The Physiological Role of the Lung in Lymphocyte Migration
The high numbers of lymphocytes found in the lungs early after i.v. injection of labelled cells have often been interpreted as a passive filter function of the first capillary bed lymphocytes have to pass. When normal human lung tissue had been digested, large numbers of lymphocytes were recovered, which approximately amount to the same pool size as the peripheral blood pool (1). Intravascular lymphocytes have been demonstrated histologically in perfusion-fixed lungs (2). One aim of the present study was therefore to find out whether the early homing, at 30 min, of up to 40% of the i.v. injected lymphocytes (3,4,5) is a physiological phenomenon or an artifact. The homing to the lung after i.v. and after intraaortal injection of labelled lymphocytes was compared. The pool size of the pulmonary vascular system was quantitated by extracorporeal perfusion and collection of lymphocytes in the venous effluent. Similar perfusions were carried out with segments of the liver and kidney for comparison. Finally, lymphocytes homing to the lung and being released from it were characterized by surface markers. Normal young pigs were used because the migration kinetics of lymphocytes to lymphoid and non-lymphoid organs are well described in this species (5,6), and the lungs are large enough for a controlled ex vivo perfusion with a system previously used for spleen perfusion (7).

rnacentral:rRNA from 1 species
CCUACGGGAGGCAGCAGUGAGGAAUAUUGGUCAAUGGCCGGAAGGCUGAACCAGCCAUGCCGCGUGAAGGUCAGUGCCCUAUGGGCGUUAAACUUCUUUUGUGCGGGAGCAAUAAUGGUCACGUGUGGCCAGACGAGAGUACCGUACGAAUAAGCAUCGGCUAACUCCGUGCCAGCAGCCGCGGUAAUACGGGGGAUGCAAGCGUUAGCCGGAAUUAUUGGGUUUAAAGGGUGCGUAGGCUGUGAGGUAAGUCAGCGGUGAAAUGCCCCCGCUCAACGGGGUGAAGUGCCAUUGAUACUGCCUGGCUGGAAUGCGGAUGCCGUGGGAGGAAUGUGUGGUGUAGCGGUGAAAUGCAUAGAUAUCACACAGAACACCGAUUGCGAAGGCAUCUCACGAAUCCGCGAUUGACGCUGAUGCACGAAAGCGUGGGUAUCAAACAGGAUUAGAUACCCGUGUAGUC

KeywordsEuropean Economic Community Circuit Perfusion Early Homing Blood Lung Migration Kinetic
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